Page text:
For Claudia Collazzo, every minute felt like forever while her husband, Michael, was deployed for the last 11 months.

While he was gone, she was hard at work putting in hours of "sweat equity" with the York Habitat for Humanity Veteran's Build.

The couple was approved as a Habitat homeowner family early this year, and construction on their home on Company Street in York City began on Memorial Day.

Claudia wasn't sure originally if Michael would be back in time for Veterans Day, when their half of the duplex was scheduled to be dedicated along with the other half, which will belong to Army veteran Donnell Ingram.

But on Friday, Michael returned from Afghanistan and was greeted at the Baltimore Washington International Airport by his wife and the couple's 4-year-old daughter, Emily.

The reunion was made even sweeter by the fact that he was able to see his family's new home for the first time before it was dedicated on Sunday.

"Amazing is an understatement," Michael Collazzo said, describing what it feels like to come home and to be a homeowner for the very first time.

"I can't find the words," he said.

An Army Reservist, Michael Collazzo deployed from Fort Bliss, Texas, last November with the 668th Engineering Company.

His wife sent him pictures of the progress on the house to keep him updated, but he wishes he could have helped with the project, especially because carpentry, masonry and plumbing are his main jobs in the Army.

Over and over again on Sunday he expressed his gratitude to everyone who helped.

Michael and Claudia, who are both 27, have been married for six years.

They found out about Habitat for Humanity through Michael's sister, who is also a Habitat homeowner.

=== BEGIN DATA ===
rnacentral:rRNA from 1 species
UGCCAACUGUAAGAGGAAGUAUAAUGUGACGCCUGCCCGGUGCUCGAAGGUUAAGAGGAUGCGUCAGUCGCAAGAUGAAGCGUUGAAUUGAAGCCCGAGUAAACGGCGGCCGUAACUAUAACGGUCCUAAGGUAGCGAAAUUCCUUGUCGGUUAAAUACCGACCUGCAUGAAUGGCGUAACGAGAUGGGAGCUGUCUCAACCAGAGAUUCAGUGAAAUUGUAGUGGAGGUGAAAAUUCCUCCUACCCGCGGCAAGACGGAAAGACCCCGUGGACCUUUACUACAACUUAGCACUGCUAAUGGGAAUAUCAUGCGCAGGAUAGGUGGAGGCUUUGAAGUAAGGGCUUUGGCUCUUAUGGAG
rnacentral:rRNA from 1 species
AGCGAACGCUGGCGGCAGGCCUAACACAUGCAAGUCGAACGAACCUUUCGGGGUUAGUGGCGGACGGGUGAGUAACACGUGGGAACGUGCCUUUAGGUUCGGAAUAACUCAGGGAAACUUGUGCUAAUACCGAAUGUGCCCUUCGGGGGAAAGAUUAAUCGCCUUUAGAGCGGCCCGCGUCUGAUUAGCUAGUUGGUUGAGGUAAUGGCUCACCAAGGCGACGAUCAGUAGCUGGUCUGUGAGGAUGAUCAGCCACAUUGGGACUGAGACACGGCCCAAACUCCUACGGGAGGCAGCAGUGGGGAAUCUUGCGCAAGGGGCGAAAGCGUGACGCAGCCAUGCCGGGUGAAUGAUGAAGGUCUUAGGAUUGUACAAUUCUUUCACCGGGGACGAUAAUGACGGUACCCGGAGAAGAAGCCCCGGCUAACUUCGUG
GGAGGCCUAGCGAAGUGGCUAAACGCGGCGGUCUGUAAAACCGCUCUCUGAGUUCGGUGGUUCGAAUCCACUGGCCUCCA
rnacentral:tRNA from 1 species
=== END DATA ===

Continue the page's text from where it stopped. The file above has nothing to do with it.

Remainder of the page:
While Michael was deployed, Claudia was busy working, attending classes at the York Technical Institute, caring for their daughter and completing her 225 hours of "sweat equity" required by Habitat.

Several veterans from York volunteered their time to complete Michael's 225 hours while he was deployed.

Jim O'Donnell, 66, of Shrewsbury worked on the home every Wednesday and Friday for the six months it took to complete the project.

O'Donnell served in Vietnam with the Navy and said he wanted to get involved with this Habitat project because it was for veterans' families.

"It's a worthy cause, and it gives friendship too," said O'Donnell. "You don't need any skills."

About 60 people worked on the houses for the Collazzo and Ingram families, and most of the volunteers were veterans, he said.

Donnell Ingram, 44, will move into the other half of the duplex with his youngest daughter, Renae, 9. He served in the Army for six years and in the National Guard for two years.

"I'm still pinching myself every day," Ingram said about owning the home.

He grinned and greeted people as they streamed into his new home on Sunday afternoon after the official dedication, for dinner and an open house.

"It's just a blessing," said Ingram. "You hear about crazy stuff happening in the world, but every day when I came here to work I felt good."

- Reach Chelsea Shank at 505-5432 or